Katja van den Enden is an experimental, abstract artist living and working just outside of Toronto, Canada. Her practice ranges from mixed media paintings to sculpture. She has exhibited her work in public and private galleries for the past 15 years among them Gallery 1313, Orillia Museum of Art and History, Aurora Cultural Centre, Latcham Art Gallery, the McKay Art Centre, Propeller Gallery, John B. Aird Gallery and the Art Gallery of Mississauga. Her work has been part of the Toronto Artist Project since 2013.
Katja grew up in Düsseldorf, Germany where she studied with several artists such as Jochen Zellmann. She considers Kelley Atkin and Hugh LeRoy her most important mentors. Katja has been an elected member of the Society of Canadian Artists since 2014. She is a three time Exhibition Assistance Grant recipient from the Ontario Art Council (2016/ 2017/2018).
2005 Orillia Museum of Art and History People's Choice Award
2018 Gibraltar Point Art Residency
2019 Art Gallery of Mississauga Annual Juried Show 2nd Prize
2019 Latcham Art Gallery Annual Juried Show Award
My curiosity centres on the effervescence of human interaction beyond verbal communication. I have explored this in paintings and sculptural works, through the use of processes that resemble those found in nature. Through the fusion of materials, process and concepts, I search for a visual vocabulary that expresses the intangible nature of psychology and memory.
I am fascinated with the patterns created by sedimentation, layering, abrasion, accumulation, fragmentation and cellular growth. For years I created biomorphic patterns in mixed media paintings to explore the workings of our minds using these processes as analogies to cognitive ones. Recently, my work has expanded beyond 2-dimensions to create organic sculptural forms.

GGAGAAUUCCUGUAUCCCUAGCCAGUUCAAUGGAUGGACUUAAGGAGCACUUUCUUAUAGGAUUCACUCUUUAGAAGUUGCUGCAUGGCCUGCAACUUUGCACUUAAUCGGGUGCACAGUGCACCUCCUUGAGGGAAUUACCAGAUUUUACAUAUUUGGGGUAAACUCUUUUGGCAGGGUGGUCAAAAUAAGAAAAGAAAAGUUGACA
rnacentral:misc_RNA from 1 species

One series of objects, called “Relationships”, evokes the ethereal quality of human interactions by pouring, manipulating and layering clear resin. The results are large scale, transparent reliefs that manifest themselves mainly through their shadows. The protagonists in these sculptures are cell-like shapes connected through droplets and strands that I envision as non-verbal connections. I am interested in the visual tension and confusion caused by the shadow being more substantial than the object itself. In addition, natural light causes the areas of light and shadow to change throughout the day just as relationships continuously change due to external influences
Another recurring subject in my work is memory in its different forms. In “Fragmented Memories” I investigate incomplete, edited memories through multiple layers of vibrant acrylic paint and poured resin. These objects vary greatly in size, yet all of them start as rough shapes that develop through the accretion of multiple sedimentary layers of acrylic washes and pigments. Then abrasion and cellular patterns created from drips and coats of resin eventually smooth the forms. The final works are mounted to create the illusion of floating on the wall without context.
“Accumulation”, on the other hand, is an examination of subconscious memories that the brain has deemed unimportant. Much like pebbles collect on a beach due to the action of waves, these memories naturally accumulate over time. These small sculptures are comprised of tiny clay particles gathered into amoebic shapes. I use neutral, unassuming colours to emphasize the subconscious and unexamined nature of these recollections.
My series “Scattered” looks at split attention and non-linear thinking within the creative process. Each sculpture is comprised of hundreds of thin, white, almost translucent, frayed clay pieces that I see as thoughts. These come together into one dynamic entity, or idea. I have chosen pale, white clay, as when it is worked this thinly, captures the newness and fragility of a mental concept.
My continued fascination with natural processes and psychology has recently lead me to introduce nature itself into my work by exposing my latest clay sculpture to the elements. Relinquishing control in order to expand my visual vocabulary is the next step in my effort to explore human interaction.
For more information on Katja's work, or to just say hello, feel free to get in touch.
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